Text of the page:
Nearly thirty years after MH2, Garth Marenghi’s Darkplace wound its way onto Channel 4’s airwaves. Created by Richard Ayoade and Matthew Holness, the show follows — bear with me — the fictional horror author Garth Marenghi (Holness) and his publisher Dean Learner (Richard Ayoade), who create a soap opera called Darkplace. The soap opera is the show itself, and we only see its fictional creators occasionally in interview featurettes. It’s basically a show within a show with a complicated framing story (if you’re confused, don’t worry, because Channel 4 purposely wanted viewers and critics to believe the characters were real people). The soap follows Rick Dagless, a doctor who combats supernatural forces at Darkplace Hospital. Unlike MH2, Darkplace only aired six episodes due to its low viewership, which is unsurprising given that it was also relegated to a late night timeslot.

If you were just scrolling through your channels late at night, you’d probably stumble upon a scene like this one in which Matt Berry’s character, Dr. Lucien Sanchez, is chased by a filing cabinet. Like a typical soap opera, it’s full of continuity problems, poor dubbing, and overly dramatic music. Most of the scenes could easily be mistaken for actual soap opera scenes from the ‘80s. Other scenes incorporate gaudy special effects, terrible wigs, and exaggerated character deaths. The genius of Garth Marenghi’s Darkplace comes from the way in which the show juxtaposes outrageous scenarios with ordinary soap opera tropes to draw attention to the innate absurdity of soap operas.

Where Garth Marenghi’s Darkplace becomes truly unique is in the way that Channel 4 marketed its fictional creators. Leading up to its premiere, The Guardian posted an article allegedly written by Garth Marenghi in which he takes a “vow never to work in TV again.” It’s hard not to appreciate the multiple levels of satire that take place; not only do Holness and Ayoade satirize the self-absorbed, Tommy Wiseau-esque creatives of the ‘80s and ‘90s, they prove their love for the source material they mock in their dedicated attention to its details. One would have to be intimately familiar with these soaps to fully understand their look and feel and know how to convey it onscreen.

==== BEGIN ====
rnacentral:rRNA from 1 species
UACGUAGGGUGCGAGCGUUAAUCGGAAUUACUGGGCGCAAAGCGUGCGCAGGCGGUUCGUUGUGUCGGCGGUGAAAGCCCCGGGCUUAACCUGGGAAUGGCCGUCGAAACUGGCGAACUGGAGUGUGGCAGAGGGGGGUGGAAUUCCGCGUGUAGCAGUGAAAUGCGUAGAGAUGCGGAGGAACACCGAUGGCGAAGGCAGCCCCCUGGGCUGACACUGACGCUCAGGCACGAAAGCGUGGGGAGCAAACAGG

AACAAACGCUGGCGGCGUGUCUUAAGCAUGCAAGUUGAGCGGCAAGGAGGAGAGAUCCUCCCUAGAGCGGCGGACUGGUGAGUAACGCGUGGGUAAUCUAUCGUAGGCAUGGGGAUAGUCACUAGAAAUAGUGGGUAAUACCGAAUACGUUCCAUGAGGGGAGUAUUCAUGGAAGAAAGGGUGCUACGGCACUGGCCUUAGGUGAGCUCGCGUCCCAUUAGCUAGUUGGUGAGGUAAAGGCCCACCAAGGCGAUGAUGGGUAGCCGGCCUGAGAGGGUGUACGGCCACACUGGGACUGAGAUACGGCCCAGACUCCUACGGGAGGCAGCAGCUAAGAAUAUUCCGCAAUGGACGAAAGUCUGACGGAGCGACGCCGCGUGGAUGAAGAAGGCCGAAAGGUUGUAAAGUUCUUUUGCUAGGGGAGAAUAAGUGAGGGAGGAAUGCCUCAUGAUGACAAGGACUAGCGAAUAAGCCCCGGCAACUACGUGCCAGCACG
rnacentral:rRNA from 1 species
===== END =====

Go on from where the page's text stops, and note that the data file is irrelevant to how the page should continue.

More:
That’s what’s so great about successful parodies. Not only do they send up their source material, they also maintain a fondness for it. It’s that kind of heart that makes these TV shows successes. They are not just empty mimicry; behind the humor, there is a genuine affection for the characters. When The Guardian asked David Lynch whether Twin Peaks was intended to parody soap operas, he responded with “No, no, no, no, no. It is a soap opera.” Anyone who’s seen the show could quickly lump it in with the likes of Mary Hartmann, Mary Hartmann or Garth Marenghi’s Darkplace, but according to Lynch, “Soap operas grow out of life and because they’re continuing stories you get to go deeper into the characters’ lives… It just triggers more and more and more — and happy accidents come.” By re-purposing the unique storytelling style of soap operas, these shows allow their viewers to go deeper into their characters’ psyches, letting them laugh at the absurdity of their tragic lives.

Olga Lexell is a freelance writer who lives in Los Angeles. You can find her on Twitter.